As halftime approached last Saturday night, I decided not to take my traditional march out into my Lot 2 parking spot to meet back up with friends and family to discuss the first half highlights and lowlights.
For the first time in a long time, I stayed inside Memorial Stadium. I walked down from my seat, onto Frank Howard Field, and circled slowly around. I soaked up the beautiful halftime performance and tribute by Tiger Band for Military Appreciation Day. But mostly, I sulked.
I?m sure that I have been more embarrassed about a half a football than I was last Saturday night. In fact, as I type this, I can think of several off the top of my head. So to be safe, I won?t say this past Saturday was the most embarrassing display of football that I?ve seen Clemson play. But it sure is near the top.
After the final of my three ?laps? around Frank Howard Field, I stood directly in the tunnel of the West Endzone and waited patiently for the team and coaches to come out of the locker room. I must admit, my intentions in that moment were not admirable. I waited, not to offer encouragement to the players or coaches. I waited, quite honestly, to see a bunch of players and coaches that had thrown in the towel and given up. I waited to see a lifeless team with lifeless coaches simmer out of the bowels of the West Endzone to go through the motions of what was a truly futile effort to rebound in this single game.
I just knew that I would see something that would give me plenty to write about in my next article on Tigernet. And that is exactly what happened. But not in the way that I had assumed.
Instead of dejection and defection, I saw players come out of the locker room with pride. I saw players come out with pats on each other?s helmets and words of encouragement. I saw coaches come out still coaching players?not by cursing or yelling?but by teaching. And the 2nd half rolled on with a team of coaches working hard and a team of players playing their guts out to no avail. But playing their guts out nonetheless.
I?m not here to put lipstick on a pig. Saturday was ugly. This season has turned ugly. I?m frustrated and disappointed and bewildered all at the same time. I?m sure that?s not too far off from where many of you are at. Although in August I wrote here on Tigernet that we would go 10-2 in the regular season and lose to Georgia Tech and Virginia Tech in back to back weeks, my prophecy today seems so far off. Not because of the losses, but because of the manner in which those losses took place.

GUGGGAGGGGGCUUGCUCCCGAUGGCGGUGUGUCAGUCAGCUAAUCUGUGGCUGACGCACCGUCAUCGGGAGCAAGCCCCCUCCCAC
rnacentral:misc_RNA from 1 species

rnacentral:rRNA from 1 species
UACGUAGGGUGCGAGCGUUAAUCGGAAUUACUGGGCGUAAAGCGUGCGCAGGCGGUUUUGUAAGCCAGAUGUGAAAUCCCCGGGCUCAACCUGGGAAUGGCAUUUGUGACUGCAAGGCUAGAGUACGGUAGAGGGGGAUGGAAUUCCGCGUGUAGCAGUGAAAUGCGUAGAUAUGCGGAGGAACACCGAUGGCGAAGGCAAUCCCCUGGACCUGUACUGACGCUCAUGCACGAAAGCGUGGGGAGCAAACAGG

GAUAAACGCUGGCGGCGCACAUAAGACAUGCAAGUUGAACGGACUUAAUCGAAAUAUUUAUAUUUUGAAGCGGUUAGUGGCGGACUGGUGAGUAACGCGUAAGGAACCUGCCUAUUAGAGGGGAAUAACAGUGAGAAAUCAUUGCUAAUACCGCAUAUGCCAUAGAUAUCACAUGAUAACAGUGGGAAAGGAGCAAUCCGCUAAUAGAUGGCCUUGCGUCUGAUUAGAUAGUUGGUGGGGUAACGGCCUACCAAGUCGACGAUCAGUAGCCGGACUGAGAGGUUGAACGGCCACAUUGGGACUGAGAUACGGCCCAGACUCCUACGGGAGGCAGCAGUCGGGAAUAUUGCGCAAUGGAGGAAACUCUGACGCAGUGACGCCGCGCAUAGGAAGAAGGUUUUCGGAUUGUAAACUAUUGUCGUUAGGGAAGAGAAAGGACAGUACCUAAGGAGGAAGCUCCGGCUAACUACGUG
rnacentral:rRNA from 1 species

But let?s get a few things straight on where we stand. Let?s get a few things straight on what it?s all about.
It?s not about the media opinion journalists from this state and beyond that will spend the next two weeks (and possibly the remainder of the year) telling you how crazed a fan base you are as if that were some negative. Media folks, by and large, are about as far removed from the reality of what college football means and, maybe more importantly, what Clemson football means, as they could possibly be. They don?t understand passion. They don?t understand legacy. They don?t understand loyalty. All of which you have, even though those traits are sometimes misguided in the heat of the moment. The media does not get that because they don?t understand that passion. The media only understand prose and how it can be used to sell their product.
It?s not about Tommy Bowden or Rob Spence or Vic Koenning. Coaches come and go, some by their own doing and others by outside doings. Clemson University will still be playing football long after all of our coaches are in the grave with you and me. The definition of Clemson University, even the Clemson football program, is not about Tommy Bowden or any other coach on this staff. There may be no more waste of time in the history of athletics than fans and media debating the merits of a coach during a season. It?s fruitless garbage to pass the time instead of working at your job selling widgets and gidgets. Tommy Bowden will coach, as he should, for the rest of this year. The mere effort in debating that is a waste beyond explanation. But the biggest waste of effort would be to debate who will be the next coach of Clemson when there are games left to be played on the schedule THIS year with THIS staff.
It?s not about CJ Spiller or James Davis or Cullen Harper or Willy Korn. Players, just like coaches, come and go. I?m sure there are a bunch of players on Clemson?s roster that feel like they could do a better job at their position than the guy in front of them on the roster. I?m sure the same could be said for other players on other teams around this nation. Heck, you are sitting at your job right now and you think you could do a better job than your boss if given the opportunity. The truth with you, just like the players, is maybe you can and maybe you can?t. The people you want on your team are the ones that believe they can help. I don?t want players sitting on the sideline believing they are not good enough to play. That?s a wasted scholarship if you ask me. So if you hear a player grumble about not playing, he?s doing exactly what I would expect him to do, assuming he is busting his rear end in practice to try and earn that spot on the field.